This is where I find the very interesting problem that many have come across...what is musical and what is sound/tone production? There is a generally accepted principle on tone production, agreed. There's a very definite and easy way to do this....but where the problem comes in and where I have found it, is in having an 'individual' sound, a clearly different and pleasant sound and tone - - - well I think you know where I'm going with this. I don't think it is a clear cut answer, and obviously, (and this is in my opinion and partially spurred on by Perlman's comments in the "Art of violin") this individuality of sound is not apparent anymore. So what is musical, and how can you determine this so clearly in very young children? Musical to one person may not be musical to another. Also, is musicality just following the notes on a page...being a perfect order-taker, doing only that which is written? Isn't that clearly the ideal for a conductor looking for a perfect orchestra member? (and there's nothing wrong with that mind you...Orchestral jobs are hard to get, and few and far between! I'd love to have one of those jobs if only I were talented enough to get one :-).) I don't know, I have a lot of questions, which I search for answers that change off and on over the years. I have a theory about all this which I'm not steady enough to voice, and would rather hold it to myself.

Children who, "don't have it", as you put it: Is it because of intonation?, Lack of emotionality? Insufficient whatever.... There are too many subjectives, and ways to address this issue. I've seen children who developed later into very musical personalities, all at once, and all of sudden as if - "bang" it hit home at one time. I've also seen very musical personalites, which later on became very out-of-tune players due partially perhaps to their 'innate' talent encouraging itself to lack of practice. So, I don't think this is an easy topic to address or come up with perfect solutions. As a teacher, I only try to bring out the best I can in my students. That's all I can hope for, and hope that they will feel as fulfilled in their musical expression later in life. I can't tell you how much music is important no matter what walk of life you are in: I'm not a professional musician, but I feel that musical expression is very much a part of my life.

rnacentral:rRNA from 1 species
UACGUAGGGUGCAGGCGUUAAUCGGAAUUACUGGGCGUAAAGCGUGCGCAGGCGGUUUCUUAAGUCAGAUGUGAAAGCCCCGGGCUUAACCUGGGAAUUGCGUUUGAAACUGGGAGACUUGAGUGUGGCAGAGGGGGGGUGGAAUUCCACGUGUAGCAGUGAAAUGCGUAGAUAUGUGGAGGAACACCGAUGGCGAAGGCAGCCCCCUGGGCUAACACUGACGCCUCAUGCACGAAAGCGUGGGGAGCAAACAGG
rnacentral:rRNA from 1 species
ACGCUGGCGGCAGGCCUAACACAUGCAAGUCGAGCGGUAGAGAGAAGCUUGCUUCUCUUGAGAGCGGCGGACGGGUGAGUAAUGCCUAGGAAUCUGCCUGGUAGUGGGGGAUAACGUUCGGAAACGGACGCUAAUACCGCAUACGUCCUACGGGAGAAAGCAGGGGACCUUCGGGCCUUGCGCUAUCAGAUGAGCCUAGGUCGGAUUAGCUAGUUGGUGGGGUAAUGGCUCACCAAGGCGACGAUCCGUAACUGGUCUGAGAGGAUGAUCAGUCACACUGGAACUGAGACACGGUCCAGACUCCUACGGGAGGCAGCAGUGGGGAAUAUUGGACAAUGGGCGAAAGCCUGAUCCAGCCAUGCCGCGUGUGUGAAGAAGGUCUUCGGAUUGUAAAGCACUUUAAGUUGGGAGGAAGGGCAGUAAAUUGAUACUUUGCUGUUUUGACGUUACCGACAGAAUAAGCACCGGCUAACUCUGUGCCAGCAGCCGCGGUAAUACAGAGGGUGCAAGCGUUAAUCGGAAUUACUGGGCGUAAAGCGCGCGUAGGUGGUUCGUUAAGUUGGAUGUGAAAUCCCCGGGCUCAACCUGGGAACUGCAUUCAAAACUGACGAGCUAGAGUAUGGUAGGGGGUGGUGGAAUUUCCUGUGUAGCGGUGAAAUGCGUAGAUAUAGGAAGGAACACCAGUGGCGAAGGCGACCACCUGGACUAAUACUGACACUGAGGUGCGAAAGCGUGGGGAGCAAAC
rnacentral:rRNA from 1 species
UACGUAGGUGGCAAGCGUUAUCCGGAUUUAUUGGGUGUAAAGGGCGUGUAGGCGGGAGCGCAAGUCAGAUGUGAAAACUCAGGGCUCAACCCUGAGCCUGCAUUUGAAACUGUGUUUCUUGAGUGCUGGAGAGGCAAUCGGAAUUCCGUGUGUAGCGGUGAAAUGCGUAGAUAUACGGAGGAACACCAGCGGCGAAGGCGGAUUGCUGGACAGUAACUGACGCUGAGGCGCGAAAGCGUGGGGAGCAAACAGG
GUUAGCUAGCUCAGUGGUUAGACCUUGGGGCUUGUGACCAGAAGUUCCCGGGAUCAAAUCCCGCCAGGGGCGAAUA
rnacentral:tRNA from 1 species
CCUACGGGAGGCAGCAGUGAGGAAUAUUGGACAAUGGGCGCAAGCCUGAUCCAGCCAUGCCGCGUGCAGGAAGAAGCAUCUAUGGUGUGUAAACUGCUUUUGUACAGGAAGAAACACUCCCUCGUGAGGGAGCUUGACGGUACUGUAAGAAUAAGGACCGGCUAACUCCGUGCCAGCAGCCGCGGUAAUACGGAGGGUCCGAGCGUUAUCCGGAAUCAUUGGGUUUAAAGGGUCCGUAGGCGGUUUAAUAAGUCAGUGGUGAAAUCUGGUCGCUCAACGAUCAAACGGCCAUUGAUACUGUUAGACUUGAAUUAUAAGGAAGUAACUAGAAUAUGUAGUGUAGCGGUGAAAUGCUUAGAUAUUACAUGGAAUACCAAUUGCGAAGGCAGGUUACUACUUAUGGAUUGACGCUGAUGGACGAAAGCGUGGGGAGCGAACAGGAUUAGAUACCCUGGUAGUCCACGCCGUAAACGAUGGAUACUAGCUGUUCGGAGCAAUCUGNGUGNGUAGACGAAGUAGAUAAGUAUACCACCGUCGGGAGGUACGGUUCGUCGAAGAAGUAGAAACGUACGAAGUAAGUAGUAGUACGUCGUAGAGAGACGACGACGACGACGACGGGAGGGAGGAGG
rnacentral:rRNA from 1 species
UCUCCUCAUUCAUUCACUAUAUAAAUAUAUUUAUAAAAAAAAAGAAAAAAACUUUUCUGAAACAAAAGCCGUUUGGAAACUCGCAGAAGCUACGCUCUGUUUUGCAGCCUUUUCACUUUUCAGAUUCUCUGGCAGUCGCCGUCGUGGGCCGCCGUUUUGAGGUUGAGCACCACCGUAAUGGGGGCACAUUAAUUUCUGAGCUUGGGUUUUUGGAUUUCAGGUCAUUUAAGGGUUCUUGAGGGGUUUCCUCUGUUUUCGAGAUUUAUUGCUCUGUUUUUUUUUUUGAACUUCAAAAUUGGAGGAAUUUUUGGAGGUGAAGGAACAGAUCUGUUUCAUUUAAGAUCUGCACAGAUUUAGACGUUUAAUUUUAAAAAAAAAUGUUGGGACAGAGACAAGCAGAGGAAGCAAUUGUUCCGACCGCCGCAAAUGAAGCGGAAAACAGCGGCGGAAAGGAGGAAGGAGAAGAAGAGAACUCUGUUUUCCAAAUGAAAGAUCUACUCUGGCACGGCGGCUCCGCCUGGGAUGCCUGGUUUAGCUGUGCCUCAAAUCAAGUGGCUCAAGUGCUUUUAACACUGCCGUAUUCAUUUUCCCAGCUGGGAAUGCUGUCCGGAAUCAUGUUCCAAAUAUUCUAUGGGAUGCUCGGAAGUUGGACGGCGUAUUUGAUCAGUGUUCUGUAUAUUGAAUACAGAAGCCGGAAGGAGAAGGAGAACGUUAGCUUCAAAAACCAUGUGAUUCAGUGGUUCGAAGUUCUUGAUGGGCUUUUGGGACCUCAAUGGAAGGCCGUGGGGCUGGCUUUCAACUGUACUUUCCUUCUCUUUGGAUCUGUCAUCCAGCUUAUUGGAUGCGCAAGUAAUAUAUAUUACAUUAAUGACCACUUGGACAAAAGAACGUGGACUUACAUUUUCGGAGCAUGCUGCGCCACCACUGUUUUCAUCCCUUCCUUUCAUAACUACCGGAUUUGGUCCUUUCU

For what it's worth, I honestly believe that intelligent people make the best musicians. So in my mind, study and learn as much, and in as many areas, as is possible.

Regards,

J

[This message has been edited by JKF (edited 12-20-2001).]